Original Research

To scan or not to scan? Examining the controversial issue of performing neuroimaging in adolescent patients presenting to a tertiary psychiatric inpatient unit

Zureida Khan, Anusha Lachman
South African Journal of Psychiatry | Vol 26 | a1383 | DOI: https://doi.org/10.4102/sajpsychiatry.v26i0.1383 | © 2020 Zureida Khan, Anusha Lachman | This work is licensed under CC Attribution 4.0
Submitted: 15 February 2019 | Published: 06 February 2020

About the author(s)

Zureida Khan, Department of Psychiatry, Faculty of Medicine and Health Sciences, Stellenbosch University, Cape Town, South Africa
Anusha Lachman, Department of Psychiatry, Faculty of Medicine and Health Sciences, Stellenbosch University, Cape Town, South Africa


Background: Imaging techniques such as computerised tomography (CT), magnetic resonance imaging (MRI) and single photon emission computed tomography (SPECT) scans are used in various clinical and diagnostic neuropsychiatric assessments. However, these investigations may be costlier when compared to their clinical utility.

Aim: To examine the clinical utility of neuroimaging in an acute adolescent psychiatric inpatient population admitted to Tygerberg Hospital between January 2012 and December 2013.

Setting: The study was conducted at a tertiary level adolescent psychiatric inpatient unit at Tygerberg Tertiary Hospital, Parow, Cape Town, Western Cape, South Africa.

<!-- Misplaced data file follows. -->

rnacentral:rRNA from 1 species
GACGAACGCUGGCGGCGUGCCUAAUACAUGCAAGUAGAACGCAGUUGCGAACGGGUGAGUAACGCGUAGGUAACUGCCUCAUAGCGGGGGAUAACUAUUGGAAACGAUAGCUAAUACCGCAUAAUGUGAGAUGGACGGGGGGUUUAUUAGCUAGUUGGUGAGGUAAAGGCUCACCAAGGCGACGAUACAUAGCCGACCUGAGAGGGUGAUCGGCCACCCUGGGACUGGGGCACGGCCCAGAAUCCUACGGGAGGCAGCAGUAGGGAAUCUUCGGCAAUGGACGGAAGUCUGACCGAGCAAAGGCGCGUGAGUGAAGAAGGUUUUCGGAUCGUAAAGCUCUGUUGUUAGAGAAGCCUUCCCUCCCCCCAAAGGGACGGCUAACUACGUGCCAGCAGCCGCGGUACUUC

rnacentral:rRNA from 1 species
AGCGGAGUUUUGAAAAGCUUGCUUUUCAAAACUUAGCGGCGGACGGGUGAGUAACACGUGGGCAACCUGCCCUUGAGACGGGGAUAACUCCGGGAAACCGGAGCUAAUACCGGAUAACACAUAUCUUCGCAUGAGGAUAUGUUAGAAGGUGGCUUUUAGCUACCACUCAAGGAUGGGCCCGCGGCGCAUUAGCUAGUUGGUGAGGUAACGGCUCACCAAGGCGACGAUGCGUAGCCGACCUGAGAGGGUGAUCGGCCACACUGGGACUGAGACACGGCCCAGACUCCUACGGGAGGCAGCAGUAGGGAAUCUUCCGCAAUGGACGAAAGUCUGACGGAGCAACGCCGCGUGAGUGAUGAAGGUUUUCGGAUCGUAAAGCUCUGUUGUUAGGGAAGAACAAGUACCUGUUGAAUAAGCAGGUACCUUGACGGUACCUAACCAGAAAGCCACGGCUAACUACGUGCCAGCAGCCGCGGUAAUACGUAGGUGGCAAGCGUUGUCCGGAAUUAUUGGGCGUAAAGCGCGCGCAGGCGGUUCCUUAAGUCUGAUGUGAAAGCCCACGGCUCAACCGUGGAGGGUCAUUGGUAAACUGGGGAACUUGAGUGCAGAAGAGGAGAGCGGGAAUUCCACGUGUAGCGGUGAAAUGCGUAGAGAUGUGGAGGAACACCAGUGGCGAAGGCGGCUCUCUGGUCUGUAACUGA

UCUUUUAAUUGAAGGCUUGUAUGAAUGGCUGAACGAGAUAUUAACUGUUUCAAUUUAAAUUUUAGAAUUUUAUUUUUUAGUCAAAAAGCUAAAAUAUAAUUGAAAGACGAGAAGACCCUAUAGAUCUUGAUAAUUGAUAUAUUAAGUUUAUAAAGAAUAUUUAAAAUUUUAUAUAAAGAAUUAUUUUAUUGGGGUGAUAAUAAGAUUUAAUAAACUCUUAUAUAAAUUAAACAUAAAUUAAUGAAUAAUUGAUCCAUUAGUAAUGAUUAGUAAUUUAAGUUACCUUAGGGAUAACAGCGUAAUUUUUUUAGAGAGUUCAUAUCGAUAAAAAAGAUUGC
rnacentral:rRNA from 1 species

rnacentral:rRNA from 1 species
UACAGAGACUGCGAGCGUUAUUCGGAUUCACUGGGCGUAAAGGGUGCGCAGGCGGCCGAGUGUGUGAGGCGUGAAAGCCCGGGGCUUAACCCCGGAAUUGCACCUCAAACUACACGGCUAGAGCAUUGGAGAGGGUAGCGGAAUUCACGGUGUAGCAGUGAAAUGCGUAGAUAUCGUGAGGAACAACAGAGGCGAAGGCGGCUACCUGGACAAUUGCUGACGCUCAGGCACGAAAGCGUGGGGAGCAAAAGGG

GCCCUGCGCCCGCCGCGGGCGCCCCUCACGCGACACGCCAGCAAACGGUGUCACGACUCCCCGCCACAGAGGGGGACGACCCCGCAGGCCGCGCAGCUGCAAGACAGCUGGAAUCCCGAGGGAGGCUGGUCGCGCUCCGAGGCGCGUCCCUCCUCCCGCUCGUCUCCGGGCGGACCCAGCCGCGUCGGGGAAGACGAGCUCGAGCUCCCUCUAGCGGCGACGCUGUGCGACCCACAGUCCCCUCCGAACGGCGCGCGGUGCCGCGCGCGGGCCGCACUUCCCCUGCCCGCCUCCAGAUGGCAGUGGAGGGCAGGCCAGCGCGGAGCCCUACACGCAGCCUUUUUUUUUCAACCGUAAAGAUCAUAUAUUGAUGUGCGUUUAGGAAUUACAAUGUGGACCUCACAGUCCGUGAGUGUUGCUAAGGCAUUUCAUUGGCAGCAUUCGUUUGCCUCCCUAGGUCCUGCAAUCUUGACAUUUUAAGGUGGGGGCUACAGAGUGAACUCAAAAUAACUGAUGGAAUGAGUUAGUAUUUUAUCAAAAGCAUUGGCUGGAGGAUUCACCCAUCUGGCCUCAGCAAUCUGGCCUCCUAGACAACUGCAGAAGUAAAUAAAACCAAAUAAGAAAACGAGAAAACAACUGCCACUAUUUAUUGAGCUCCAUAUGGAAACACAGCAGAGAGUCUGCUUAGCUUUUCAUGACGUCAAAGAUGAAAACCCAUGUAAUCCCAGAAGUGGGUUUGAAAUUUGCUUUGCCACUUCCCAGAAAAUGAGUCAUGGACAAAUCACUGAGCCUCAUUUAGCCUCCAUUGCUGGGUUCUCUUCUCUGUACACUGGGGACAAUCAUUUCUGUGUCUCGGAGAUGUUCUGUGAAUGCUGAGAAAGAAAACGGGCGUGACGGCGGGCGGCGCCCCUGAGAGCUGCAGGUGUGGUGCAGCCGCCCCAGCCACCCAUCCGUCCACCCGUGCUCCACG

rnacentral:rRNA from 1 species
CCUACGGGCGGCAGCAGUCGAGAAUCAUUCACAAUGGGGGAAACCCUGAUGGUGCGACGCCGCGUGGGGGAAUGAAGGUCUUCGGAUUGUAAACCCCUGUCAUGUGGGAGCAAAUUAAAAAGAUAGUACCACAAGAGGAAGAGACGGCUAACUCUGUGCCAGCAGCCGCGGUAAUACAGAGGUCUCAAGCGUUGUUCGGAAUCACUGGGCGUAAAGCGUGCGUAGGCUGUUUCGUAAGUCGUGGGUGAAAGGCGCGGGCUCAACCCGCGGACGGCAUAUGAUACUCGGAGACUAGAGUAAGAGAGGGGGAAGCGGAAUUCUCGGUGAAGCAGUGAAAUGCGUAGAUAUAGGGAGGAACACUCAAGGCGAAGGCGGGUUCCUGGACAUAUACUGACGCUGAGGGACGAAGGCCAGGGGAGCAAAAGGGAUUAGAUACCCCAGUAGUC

Method: A retrospective chart review was conducted to gather data from 125 inpatient adolescents who had neuroimaging performed during admission. Clinical information was obtained from folders and collated with neuroimaging data. The Pearson Chi-squared test was used to test for correlations between clinical variables and the outcomes (abnormalities) of CT scans. There were too few MRI or SPECT scans to warrant statistical testing for these modalities.

Results: Out of the total CT scans performed (n = 120), 11 (9.2%) were clinically significant or pathological. Five cases (4.2% of all CT scans) resulted in a change in diagnosis and management. There was no association between clinical variables and clinically relevant CT abnormalities (n = 11). There were three MRI abnormalities (30%), with two resulting in changes in management. Single photon emission computed tomography scans revealed abnormalities in all 10 cases.

Conclusion: Routine neuroimaging in this population of psychiatric adolescents has high clinical utility. However, the decision to conduct structural neuroimaging should be guided by good clinical assessment. Single photon emission computed tomography scanning is useful for detecting underlying neurophysiological abnormalities in patients presenting with psychiatric and behavioural symptoms to potentially aid diagnosis and for interventional purposes.


imaging; psychiatry; clinical utility; neuroimaging; adolescents; psychiatric presentation


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